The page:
I believe that we shall have to watch such things because developments in the Soviet bloc, whether inside or outside Europe, will demand a response from the West and, above all in the current state of the American polity, a response from Europe. That is why I was so happy to hear the noble Lord, Lord Callaghan of Cardiff, in his maiden speech take us back to the need for co-operation between European governments. I believe that there are very stormy times ahead in which that co-operation will be essential in order to keep the peace.

5.38 p.m.

My Lords, you will notice that I am not my noble friend Lord Gladwyn. The reason that I am on my feet is that the noble Lord very kindly agreed to change places with me on the Speakers' List because I want to address myself to a rather narrow point in this wide-ranging debate which has been so interesting and so informative. I hope that noble Lords will forgive me if I omit some of those tributes to earlier speeches by noble Lords which courtesy prompts, which eloquence deserves but which time forbids.

I follow the noble Lord, Lord Beloff, on this occasion very happily because the rather narrow area to which I want to address myself concerns the position in Eastern Europe as a result of perestroika and glasnost, which in my view will lead to an instability in that part of the world which we shall not he able to afford to neglect. I also wholly agree with him in his description of the difficulties which we must assume that Mr. Gorbachev is facing on the domestic front.

When I was in Warsaw last October to arrange for the next meeting of the Anglo-Polish Round Table Conference, I discussed this matter with some Polish friends who are well acquainted with the Russian scene. The Poles are very acute and experienced Russia-watchers. I asked what kind of opposition Mr. Gorbachev was facing. My friend said that one can assume there are 23 million people in Russia who are unanimously against it—they are the members of the Communist Party. One can also assume that there is a large number of fringe groups, such as the teachers in scientific Marxism, of whom there are between 100,000 and 400,000, who will probably also be against it because their jobs may be at risk.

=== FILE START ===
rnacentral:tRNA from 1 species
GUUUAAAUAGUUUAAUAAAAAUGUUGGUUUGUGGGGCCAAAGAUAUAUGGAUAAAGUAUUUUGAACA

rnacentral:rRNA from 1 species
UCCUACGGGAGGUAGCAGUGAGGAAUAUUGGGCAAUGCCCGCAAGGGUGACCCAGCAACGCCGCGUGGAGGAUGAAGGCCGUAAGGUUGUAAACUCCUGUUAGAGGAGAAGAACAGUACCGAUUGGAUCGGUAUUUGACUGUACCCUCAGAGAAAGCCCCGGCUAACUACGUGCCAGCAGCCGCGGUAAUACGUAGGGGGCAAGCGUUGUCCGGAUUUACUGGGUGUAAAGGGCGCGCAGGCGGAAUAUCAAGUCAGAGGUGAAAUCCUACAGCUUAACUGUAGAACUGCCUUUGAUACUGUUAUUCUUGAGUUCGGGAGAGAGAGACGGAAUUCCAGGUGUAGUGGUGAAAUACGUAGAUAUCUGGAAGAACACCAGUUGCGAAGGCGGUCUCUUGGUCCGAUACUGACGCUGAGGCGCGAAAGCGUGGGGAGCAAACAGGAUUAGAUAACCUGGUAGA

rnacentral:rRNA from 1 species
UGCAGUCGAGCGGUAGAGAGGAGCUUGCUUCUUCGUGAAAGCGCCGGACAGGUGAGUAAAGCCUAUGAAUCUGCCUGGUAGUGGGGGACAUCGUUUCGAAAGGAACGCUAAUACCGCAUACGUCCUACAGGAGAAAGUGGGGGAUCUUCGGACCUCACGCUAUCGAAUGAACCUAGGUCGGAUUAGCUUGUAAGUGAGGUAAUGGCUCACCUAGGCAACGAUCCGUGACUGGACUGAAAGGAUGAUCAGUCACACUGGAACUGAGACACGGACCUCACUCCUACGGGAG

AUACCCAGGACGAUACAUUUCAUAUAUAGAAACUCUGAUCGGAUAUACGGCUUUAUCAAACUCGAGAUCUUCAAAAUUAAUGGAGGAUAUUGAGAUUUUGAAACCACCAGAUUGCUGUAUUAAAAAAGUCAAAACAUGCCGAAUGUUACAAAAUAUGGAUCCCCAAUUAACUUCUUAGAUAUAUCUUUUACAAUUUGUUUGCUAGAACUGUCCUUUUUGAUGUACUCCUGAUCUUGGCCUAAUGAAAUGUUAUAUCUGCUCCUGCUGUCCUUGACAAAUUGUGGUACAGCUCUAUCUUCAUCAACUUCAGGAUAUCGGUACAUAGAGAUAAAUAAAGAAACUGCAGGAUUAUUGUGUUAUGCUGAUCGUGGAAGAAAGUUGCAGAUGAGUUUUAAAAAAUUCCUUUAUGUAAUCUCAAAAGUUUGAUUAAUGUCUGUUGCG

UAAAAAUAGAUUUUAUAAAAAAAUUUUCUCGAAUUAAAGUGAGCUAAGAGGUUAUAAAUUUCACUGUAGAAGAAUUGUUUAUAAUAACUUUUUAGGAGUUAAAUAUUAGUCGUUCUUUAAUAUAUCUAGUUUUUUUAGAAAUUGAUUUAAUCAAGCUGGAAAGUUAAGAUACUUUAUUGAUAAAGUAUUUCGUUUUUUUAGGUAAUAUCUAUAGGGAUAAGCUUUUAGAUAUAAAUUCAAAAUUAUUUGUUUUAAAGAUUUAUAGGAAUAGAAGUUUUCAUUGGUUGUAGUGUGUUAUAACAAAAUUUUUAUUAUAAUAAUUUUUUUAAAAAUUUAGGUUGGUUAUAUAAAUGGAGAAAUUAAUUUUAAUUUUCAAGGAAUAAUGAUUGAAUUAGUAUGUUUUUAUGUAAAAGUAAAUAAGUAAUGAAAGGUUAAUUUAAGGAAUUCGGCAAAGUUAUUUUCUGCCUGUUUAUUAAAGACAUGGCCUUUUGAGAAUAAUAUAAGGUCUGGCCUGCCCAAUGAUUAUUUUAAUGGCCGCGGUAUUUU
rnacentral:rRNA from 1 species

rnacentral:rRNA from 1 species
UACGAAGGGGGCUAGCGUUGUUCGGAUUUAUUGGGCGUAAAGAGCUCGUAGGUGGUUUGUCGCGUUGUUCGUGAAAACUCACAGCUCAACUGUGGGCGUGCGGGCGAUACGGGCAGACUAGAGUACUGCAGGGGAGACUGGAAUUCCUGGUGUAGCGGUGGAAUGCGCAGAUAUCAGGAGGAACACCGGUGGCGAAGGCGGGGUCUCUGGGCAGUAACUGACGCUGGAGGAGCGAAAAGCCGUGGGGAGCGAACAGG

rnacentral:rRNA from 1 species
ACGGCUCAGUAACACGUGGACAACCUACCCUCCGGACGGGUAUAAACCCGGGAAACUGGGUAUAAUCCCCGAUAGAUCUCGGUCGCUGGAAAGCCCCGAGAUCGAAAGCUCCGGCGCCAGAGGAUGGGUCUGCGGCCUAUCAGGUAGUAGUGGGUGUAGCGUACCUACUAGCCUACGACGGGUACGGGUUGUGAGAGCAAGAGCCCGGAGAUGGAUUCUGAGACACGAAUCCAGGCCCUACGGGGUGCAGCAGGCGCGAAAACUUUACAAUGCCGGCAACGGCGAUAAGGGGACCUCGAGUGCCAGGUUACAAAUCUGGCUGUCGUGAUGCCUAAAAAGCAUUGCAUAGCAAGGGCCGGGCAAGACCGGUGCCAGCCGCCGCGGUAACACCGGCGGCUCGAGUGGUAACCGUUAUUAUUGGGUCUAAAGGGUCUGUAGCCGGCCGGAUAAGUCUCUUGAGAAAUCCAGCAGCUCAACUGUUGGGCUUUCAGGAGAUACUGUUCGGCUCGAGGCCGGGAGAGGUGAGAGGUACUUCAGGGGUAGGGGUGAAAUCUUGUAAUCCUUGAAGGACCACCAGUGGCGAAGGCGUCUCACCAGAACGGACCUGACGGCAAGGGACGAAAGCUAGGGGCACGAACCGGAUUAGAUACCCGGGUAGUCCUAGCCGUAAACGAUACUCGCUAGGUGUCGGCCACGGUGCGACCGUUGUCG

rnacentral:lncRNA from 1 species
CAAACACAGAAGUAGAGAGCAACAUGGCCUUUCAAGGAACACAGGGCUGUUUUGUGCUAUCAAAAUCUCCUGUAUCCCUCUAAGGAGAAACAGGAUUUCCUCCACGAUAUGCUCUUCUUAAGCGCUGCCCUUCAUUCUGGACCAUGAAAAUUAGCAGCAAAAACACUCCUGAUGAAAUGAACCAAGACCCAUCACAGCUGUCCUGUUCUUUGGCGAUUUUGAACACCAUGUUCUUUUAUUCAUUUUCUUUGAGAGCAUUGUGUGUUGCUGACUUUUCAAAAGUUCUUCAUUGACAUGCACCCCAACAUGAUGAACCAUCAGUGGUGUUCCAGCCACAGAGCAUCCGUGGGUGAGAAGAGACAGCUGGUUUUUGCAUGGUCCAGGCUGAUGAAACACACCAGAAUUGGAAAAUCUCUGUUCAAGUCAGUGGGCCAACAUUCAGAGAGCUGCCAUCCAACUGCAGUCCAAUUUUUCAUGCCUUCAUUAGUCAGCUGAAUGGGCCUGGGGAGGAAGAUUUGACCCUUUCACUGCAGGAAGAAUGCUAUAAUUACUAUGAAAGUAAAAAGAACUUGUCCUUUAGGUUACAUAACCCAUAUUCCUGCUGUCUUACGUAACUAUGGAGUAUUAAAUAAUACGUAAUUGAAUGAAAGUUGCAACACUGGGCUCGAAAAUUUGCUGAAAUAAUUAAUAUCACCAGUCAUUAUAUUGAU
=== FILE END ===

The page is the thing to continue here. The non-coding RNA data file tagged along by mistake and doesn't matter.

He said that as far as the Asian element in the Soviet population is concerned perestroika is something very different from what is understood by the Russian element, as the noble Lord, Lord Beloff, has indicated in his speech. They will not be particularly interested in it except in so far as their national consciousness has been stimulated by the Afghanistan conflict and this will provide an opportunity for further sharpening of that consciousness.

My friend said that there are two other things to remember. Mr. Gorbachev and his advisers are very like many 19th century Russian radicals who again and again produced admirable schemes for the reform of Imperial Russia. Each of these ran into the sand created by the immense inertia of the Tsarist system and the Russian temperament. Granted that this is a Polish view and can hardly be said to be an objective one, but it is one which I think we have to take into account if we are to depend entirely on perestroika for the future of peace in this world.